After 5 years of travel, military’s Eagle Staff gets new ceremonial feathers


Master Cpl. Brent Thompson stands at attention with an Eagle Staff, freshly adorned with new feathers, by his side at a ceremony in Winnipeg.

Thompson has been travelling the world with the ceremonial piece for five years.

“It’s a huge honor for myself to be selected and to be given that honour and to carry the Canadian Armed Forces Eagle Staff. Not only all soldiers but Indigenous soldiers that have not come back and not returned,” Thompson said.

“Also current surviving members. It’s a representation of who we are.”

“It takes two people to keep and carry an eagle staff which is 18 years old and was designed by retired chief petty officers Chris Innes and Debbie Eisan. Eisan is from Batchewana First Nation, and served as an Elder and Aboriginal advisor for the military.”

The staff is made up of eagle feathers, narwhal tusk, ash bow, and moose antler representing First Nations, Metis and Inuit members of the Canadian Armed Forces.

“It’s a great honour today to be here with the Eagle Staff,” said Lt-Col. George McLeod who is from the Qalipu Nation in Newfoundland, his voice full of emotion. “It represents all departments of the armed forces, and those in uniform.

“All of those who have come before us and all those who served.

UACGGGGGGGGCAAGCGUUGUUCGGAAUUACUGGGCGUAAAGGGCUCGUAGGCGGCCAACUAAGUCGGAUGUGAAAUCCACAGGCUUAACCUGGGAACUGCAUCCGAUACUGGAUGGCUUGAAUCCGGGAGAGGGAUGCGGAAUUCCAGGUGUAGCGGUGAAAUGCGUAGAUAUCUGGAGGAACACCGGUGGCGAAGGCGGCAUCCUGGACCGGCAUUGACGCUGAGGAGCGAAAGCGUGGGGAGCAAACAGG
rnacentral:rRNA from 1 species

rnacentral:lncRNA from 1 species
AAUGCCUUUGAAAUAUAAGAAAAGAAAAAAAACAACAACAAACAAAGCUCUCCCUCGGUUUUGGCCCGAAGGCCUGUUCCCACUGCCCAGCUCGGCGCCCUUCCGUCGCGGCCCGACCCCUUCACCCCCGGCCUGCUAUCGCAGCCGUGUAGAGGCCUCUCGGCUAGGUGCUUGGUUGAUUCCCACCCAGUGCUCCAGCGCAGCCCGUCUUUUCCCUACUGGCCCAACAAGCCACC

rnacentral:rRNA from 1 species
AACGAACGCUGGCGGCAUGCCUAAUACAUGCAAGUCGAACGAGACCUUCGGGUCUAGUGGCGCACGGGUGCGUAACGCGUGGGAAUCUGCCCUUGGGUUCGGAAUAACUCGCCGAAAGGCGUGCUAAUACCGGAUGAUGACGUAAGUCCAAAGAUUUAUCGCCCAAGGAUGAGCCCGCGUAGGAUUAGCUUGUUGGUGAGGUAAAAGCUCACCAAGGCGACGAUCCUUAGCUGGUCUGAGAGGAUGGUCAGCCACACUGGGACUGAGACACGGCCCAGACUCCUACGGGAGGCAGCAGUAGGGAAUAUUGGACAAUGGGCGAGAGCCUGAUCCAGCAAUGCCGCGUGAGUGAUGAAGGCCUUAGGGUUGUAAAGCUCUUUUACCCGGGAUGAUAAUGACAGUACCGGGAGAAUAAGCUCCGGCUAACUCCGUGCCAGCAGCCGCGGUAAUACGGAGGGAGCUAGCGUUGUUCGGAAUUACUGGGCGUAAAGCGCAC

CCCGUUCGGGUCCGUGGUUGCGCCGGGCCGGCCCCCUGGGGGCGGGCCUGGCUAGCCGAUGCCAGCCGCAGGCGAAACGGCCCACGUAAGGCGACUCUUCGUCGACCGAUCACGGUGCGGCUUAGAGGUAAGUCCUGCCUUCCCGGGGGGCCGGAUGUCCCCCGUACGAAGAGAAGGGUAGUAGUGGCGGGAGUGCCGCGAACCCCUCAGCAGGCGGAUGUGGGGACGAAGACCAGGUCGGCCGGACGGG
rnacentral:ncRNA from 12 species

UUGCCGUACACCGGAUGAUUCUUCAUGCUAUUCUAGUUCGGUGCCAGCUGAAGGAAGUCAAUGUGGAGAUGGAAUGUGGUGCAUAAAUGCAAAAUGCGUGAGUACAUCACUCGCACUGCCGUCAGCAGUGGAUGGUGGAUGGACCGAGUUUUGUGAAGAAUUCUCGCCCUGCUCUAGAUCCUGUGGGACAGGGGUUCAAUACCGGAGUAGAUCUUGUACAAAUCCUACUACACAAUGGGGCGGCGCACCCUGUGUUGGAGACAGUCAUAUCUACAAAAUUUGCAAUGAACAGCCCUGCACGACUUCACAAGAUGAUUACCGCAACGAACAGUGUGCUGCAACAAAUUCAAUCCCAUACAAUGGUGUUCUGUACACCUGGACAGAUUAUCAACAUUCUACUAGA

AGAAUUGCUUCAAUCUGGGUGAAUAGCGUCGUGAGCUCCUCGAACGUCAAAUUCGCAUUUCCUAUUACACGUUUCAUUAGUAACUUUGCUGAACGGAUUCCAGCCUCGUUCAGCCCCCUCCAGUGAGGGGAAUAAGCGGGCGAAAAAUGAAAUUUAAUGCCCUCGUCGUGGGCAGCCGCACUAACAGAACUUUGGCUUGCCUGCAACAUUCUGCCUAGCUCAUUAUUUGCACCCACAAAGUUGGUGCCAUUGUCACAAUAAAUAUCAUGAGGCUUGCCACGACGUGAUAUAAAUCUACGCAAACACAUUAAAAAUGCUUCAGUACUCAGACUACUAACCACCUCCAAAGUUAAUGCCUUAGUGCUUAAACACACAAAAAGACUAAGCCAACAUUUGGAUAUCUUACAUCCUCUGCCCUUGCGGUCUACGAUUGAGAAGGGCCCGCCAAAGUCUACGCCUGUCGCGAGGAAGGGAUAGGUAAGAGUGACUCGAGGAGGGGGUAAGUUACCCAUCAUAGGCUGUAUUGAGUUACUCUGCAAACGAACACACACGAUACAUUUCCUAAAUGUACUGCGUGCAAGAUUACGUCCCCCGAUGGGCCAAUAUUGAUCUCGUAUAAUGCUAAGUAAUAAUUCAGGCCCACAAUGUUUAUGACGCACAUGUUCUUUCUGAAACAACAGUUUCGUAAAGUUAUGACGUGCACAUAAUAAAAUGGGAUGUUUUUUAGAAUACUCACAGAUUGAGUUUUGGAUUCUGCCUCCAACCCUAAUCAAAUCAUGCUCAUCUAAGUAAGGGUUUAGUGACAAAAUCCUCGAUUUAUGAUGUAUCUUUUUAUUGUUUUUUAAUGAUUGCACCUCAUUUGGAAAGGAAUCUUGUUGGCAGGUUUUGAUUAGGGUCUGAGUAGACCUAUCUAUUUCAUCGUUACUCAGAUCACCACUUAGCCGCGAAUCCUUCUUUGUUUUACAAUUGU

Eagle Staff
Master Cpl. Brent Thompson travelled the world with the military’s Eagle Staff. Photo: Michelle Karlenzig/APTN

The new feathers were supplied by Manitoba Conservation – a government agency that fulfills requests for ceremonial plumage from injured or deceased birds.

Blaire Barta, a legislative specialist at Manitoba Conservation said it was “a powerful and memorable moment.”

“To see the tears in people’s eyes when they receive an eagle… is pretty amazing. It can bring tears to my eyes pretty quick too and seeing something like the Eagle Staff for the military, ya, it’s an honourable position to be in.”

Thompson, who is from Thompson, Man., is a 20 year veteran of the military and has taken the Eagle Staff to Vimy Ridge in France and Passchendaele, Belgium where he was able to honour Alex Decoteau, an infantryman from Red Pheasant First Nation in Sask., who was killed Oct. 30, 1917.

Decoteau is buried at Passchendaele

Now, after half a decade on the road, Thompson is bringing the Eagle Staff, which belongs to the Canadian military, to Manitoba.

Mcleod said he hopes to see those carriers bring the staff to Pow Wows and visit more First Nation communities in Canada.